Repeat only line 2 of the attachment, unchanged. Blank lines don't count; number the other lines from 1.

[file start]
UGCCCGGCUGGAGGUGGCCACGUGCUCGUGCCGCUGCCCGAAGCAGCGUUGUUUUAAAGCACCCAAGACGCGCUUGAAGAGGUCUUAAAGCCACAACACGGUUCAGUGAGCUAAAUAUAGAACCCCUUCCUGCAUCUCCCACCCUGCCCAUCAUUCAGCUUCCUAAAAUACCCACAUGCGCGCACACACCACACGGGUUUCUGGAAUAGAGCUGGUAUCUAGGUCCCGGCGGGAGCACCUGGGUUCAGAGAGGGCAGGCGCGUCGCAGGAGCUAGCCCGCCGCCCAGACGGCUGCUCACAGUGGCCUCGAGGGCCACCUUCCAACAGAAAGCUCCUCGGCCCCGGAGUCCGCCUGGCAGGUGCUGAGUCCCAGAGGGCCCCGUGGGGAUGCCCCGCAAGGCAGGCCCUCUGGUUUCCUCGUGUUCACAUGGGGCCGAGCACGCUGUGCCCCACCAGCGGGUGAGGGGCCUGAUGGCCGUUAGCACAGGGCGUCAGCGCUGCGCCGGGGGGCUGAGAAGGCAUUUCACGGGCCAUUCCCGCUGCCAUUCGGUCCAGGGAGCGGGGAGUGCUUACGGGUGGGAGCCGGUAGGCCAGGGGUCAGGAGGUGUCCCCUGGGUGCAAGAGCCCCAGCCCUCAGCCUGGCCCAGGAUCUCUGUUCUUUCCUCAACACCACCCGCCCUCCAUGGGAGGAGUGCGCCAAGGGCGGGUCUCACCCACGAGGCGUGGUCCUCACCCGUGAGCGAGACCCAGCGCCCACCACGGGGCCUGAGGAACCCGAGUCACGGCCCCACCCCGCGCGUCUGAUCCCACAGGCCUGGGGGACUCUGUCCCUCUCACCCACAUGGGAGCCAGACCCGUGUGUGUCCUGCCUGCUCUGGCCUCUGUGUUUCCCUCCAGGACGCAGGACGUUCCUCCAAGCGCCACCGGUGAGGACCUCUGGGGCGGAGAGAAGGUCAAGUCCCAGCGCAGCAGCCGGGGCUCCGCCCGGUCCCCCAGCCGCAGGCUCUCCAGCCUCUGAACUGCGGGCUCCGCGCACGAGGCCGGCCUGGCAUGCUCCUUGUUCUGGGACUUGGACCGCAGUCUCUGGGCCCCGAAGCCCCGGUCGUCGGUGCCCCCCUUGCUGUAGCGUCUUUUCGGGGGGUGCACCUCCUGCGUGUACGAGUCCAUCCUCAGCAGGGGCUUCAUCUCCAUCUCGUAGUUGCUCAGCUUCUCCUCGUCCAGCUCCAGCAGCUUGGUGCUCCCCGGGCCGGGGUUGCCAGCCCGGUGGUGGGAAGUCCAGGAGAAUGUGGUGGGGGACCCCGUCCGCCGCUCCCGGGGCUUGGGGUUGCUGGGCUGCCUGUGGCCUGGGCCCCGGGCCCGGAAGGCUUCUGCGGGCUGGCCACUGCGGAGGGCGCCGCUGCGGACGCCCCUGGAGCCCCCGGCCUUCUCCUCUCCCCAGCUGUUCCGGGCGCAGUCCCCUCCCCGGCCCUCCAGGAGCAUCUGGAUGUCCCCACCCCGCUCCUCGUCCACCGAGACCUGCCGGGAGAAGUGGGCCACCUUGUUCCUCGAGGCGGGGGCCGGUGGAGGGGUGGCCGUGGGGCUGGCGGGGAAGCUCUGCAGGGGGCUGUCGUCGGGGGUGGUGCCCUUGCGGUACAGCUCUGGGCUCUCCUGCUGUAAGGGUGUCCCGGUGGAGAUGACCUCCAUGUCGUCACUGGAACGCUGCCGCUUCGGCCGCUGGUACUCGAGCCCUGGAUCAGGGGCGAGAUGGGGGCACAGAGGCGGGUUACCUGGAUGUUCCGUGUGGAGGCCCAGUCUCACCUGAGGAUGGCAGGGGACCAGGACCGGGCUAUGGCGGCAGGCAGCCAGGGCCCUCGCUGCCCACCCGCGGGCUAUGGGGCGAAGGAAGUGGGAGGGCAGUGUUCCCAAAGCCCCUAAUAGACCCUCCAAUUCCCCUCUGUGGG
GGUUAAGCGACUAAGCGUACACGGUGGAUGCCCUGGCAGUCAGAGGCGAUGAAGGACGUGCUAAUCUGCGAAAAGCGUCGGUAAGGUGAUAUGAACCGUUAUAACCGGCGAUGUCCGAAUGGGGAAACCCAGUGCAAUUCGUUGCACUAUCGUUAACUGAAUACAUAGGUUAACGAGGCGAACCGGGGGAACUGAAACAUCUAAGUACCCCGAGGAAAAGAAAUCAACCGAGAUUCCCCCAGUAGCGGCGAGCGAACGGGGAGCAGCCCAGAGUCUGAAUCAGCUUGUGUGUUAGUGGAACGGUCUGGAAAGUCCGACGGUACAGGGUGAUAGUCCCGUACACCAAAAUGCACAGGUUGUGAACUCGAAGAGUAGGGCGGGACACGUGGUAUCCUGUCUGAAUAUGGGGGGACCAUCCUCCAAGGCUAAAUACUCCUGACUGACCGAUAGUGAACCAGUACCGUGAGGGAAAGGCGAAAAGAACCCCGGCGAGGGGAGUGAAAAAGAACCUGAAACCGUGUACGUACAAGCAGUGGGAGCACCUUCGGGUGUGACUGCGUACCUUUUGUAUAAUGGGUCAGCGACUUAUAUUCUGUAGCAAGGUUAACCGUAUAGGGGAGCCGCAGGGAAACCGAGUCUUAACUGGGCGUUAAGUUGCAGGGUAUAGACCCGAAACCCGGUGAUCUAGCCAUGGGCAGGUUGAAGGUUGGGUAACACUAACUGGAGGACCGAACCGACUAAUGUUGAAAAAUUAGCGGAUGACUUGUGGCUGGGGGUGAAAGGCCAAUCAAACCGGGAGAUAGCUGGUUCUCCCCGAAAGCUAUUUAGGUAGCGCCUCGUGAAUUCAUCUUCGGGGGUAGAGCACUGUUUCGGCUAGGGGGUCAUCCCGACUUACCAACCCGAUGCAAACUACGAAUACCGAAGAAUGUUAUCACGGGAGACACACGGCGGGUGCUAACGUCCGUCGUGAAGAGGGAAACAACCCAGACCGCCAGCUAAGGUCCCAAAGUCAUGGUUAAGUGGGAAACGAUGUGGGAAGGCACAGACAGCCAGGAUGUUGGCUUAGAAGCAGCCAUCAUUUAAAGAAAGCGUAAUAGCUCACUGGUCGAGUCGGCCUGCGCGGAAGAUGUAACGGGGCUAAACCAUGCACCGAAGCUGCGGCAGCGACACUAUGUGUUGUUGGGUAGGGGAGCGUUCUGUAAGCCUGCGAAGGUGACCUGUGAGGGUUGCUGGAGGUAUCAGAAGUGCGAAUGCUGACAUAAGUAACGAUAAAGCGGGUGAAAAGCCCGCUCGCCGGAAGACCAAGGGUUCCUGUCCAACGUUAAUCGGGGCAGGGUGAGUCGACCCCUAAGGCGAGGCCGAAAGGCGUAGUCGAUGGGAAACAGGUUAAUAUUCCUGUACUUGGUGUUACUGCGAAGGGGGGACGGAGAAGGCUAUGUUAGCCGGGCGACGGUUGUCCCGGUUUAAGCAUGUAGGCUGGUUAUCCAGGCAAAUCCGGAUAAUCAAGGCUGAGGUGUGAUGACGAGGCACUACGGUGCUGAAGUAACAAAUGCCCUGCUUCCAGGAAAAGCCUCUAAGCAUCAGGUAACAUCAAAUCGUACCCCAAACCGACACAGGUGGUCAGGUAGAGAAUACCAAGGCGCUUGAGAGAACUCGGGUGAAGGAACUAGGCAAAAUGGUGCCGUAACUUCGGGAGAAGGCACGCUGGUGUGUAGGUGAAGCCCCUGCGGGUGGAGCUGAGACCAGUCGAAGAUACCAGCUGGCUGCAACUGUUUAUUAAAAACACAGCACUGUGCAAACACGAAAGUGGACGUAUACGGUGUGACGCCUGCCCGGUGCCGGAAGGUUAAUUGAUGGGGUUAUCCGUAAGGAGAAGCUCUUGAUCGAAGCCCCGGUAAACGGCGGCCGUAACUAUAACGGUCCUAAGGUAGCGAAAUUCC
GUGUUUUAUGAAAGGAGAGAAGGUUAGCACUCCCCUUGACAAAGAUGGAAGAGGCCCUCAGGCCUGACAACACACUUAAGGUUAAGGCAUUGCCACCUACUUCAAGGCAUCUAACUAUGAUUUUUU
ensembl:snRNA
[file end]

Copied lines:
GGUUAAGCGACUAAGCGUACACGGUGGAUGCCCUGGCAGUCAGAGGCGAUGAAGGACGUGCUAAUCUGCGAAAAGCGUCGGUAAGGUGAUAUGAACCGUUAUAACCGGCGAUGUCCGAAUGGGGAAACCCAGUGCAAUUCGUUGCACUAUCGUUAACUGAAUACAUAGGUUAACGAGGCGAACCGGGGGAACUGAAACAUCUAAGUACCCCGAGGAAAAGAAAUCAACCGAGAUUCCCCCAGUAGCGGCGAGCGAACGGGGAGCAGCCCAGAGUCUGAAUCAGCUUGUGUGUUAGUGGAACGGUCUGGAAAGUCCGACGGUACAGGGUGAUAGUCCCGUACACCAAAAUGCACAGGUUGUGAACUCGAAGAGUAGGGCGGGACACGUGGUAUCCUGUCUGAAUAUGGGGGGACCAUCCUCCAAGGCUAAAUACUCCUGACUGACCGAUAGUGAACCAGUACCGUGAGGGAAAGGCGAAAAGAACCCCGGCGAGGGGAGUGAAAAAGAACCUGAAACCGUGUACGUACAAGCAGUGGGAGCACCUUCGGGUGUGACUGCGUACCUUUUGUAUAAUGGGUCAGCGACUUAUAUUCUGUAGCAAGGUUAACCGUAUAGGGGAGCCGCAGGGAAACCGAGUCUUAACUGGGCGUUAAGUUGCAGGGUAUAGACCCGAAACCCGGUGAUCUAGCCAUGGGCAGGUUGAAGGUUGGGUAACACUAACUGGAGGACCGAACCGACUAAUGUUGAAAAAUUAGCGGAUGACUUGUGGCUGGGGGUGAAAGGCCAAUCAAACCGGGAGAUAGCUGGUUCUCCCCGAAAGCUAUUUAGGUAGCGCCUCGUGAAUUCAUCUUCGGGGGUAGAGCACUGUUUCGGCUAGGGGGUCAUCCCGACUUACCAACCCGAUGCAAACUACGAAUACCGAAGAAUGUUAUCACGGGAGACACACGGCGGGUGCUAACGUCCGUCGUGAAGAGGGAAACAACCCAGACCGCCAGCUAAGGUCCCAAAGUCAUGGUUAAGUGGGAAACGAUGUGGGAAGGCACAGACAGCCAGGAUGUUGGCUUAGAAGCAGCCAUCAUUUAAAGAAAGCGUAAUAGCUCACUGGUCGAGUCGGCCUGCGCGGAAGAUGUAACGGGGCUAAACCAUGCACCGAAGCUGCGGCAGCGACACUAUGUGUUGUUGGGUAGGGGAGCGUUCUGUAAGCCUGCGAAGGUGACCUGUGAGGGUUGCUGGAGGUAUCAGAAGUGCGAAUGCUGACAUAAGUAACGAUAAAGCGGGUGAAAAGCCCGCUCGCCGGAAGACCAAGGGUUCCUGUCCAACGUUAAUCGGGGCAGGGUGAGUCGACCCCUAAGGCGAGGCCGAAAGGCGUAGUCGAUGGGAAACAGGUUAAUAUUCCUGUACUUGGUGUUACUGCGAAGGGGGGACGGAGAAGGCUAUGUUAGCCGGGCGACGGUUGUCCCGGUUUAAGCAUGUAGGCUGGUUAUCCAGGCAAAUCCGGAUAAUCAAGGCUGAGGUGUGAUGACGAGGCACUACGGUGCUGAAGUAACAAAUGCCCUGCUUCCAGGAAAAGCCUCUAAGCAUCAGGUAACAUCAAAUCGUACCCCAAACCGACACAGGUGGUCAGGUAGAGAAUACCAAGGCGCUUGAGAGAACUCGGGUGAAGGAACUAGGCAAAAUGGUGCCGUAACUUCGGGAGAAGGCACGCUGGUGUGUAGGUGAAGCCCCUGCGGGUGGAGCUGAGACCAGUCGAAGAUACCAGCUGGCUGCAACUGUUUAUUAAAAACACAGCACUGUGCAAACACGAAAGUGGACGUAUACGGUGUGACGCCUGCCCGGUGCCGGAAGGUUAAUUGAUGGGGUUAUCCGUAAGGAGAAGCUCUUGAUCGAAGCCCCGGUAAACGGCGGCCGUAACUAUAACGGUCCUAAGGUAGCGAAAUUCC